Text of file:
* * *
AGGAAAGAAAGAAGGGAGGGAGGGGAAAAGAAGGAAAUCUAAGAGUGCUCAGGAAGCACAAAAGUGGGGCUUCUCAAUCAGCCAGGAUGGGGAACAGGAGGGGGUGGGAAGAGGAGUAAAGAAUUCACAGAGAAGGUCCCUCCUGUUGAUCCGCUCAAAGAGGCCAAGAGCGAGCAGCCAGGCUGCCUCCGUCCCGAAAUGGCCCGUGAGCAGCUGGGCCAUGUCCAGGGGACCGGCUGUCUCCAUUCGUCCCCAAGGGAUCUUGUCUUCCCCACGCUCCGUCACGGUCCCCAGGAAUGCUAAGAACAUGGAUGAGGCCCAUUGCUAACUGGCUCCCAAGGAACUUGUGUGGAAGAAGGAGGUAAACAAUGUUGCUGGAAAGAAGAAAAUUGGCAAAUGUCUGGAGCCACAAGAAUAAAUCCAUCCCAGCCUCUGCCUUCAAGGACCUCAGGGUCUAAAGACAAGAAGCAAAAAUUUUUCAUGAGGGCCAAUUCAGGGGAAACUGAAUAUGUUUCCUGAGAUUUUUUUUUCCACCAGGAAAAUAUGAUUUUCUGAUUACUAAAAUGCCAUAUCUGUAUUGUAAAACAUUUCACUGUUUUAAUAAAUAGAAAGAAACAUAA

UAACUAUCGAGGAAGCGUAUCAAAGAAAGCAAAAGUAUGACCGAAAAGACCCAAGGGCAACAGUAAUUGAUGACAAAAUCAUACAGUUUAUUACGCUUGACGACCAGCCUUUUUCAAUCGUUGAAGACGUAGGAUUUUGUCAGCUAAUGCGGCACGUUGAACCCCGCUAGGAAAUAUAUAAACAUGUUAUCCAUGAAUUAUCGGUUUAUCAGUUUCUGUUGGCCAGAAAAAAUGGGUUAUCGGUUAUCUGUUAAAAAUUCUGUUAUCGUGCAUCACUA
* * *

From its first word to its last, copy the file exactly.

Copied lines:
AGGAAAGAAAGAAGGGAGGGAGGGGAAAAGAAGGAAAUCUAAGAGUGCUCAGGAAGCACAAAAGUGGGGCUUCUCAAUCAGCCAGGAUGGGGAACAGGAGGGGGUGGGAAGAGGAGUAAAGAAUUCACAGAGAAGGUCCCUCCUGUUGAUCCGCUCAAAGAGGCCAAGAGCGAGCAGCCAGGCUGCCUCCGUCCCGAAAUGGCCCGUGAGCAGCUGGGCCAUGUCCAGGGGACCGGCUGUCUCCAUUCGUCCCCAAGGGAUCUUGUCUUCCCCACGCUCCGUCACGGUCCCCAGGAAUGCUAAGAACAUGGAUGAGGCCCAUUGCUAACUGGCUCCCAAGGAACUUGUGUGGAAGAAGGAGGUAAACAAUGUUGCUGGAAAGAAGAAAAUUGGCAAAUGUCUGGAGCCACAAGAAUAAAUCCAUCCCAGCCUCUGCCUUCAAGGACCUCAGGGUCUAAAGACAAGAAGCAAAAAUUUUUCAUGAGGGCCAAUUCAGGGGAAACUGAAUAUGUUUCCUGAGAUUUUUUUUUCCACCAGGAAAAUAUGAUUUUCUGAUUACUAAAAUGCCAUAUCUGUAUUGUAAAACAUUUCACUGUUUUAAUAAAUAGAAAGAAACAUAA

UAACUAUCGAGGAAGCGUAUCAAAGAAAGCAAAAGUAUGACCGAAAAGACCCAAGGGCAACAGUAAUUGAUGACAAAAUCAUACAGUUUAUUACGCUUGACGACCAGCCUUUUUCAAUCGUUGAAGACGUAGGAUUUUGUCAGCUAAUGCGGCACGUUGAACCCCGCUAGGAAAUAUAUAAACAUGUUAUCCAUGAAUUAUCGGUUUAUCAGUUUCUGUUGGCCAGAAAAAAUGGGUUAUCGGUUAUCUGUUAAAAAUUCUGUUAUCGUGCAUCACUA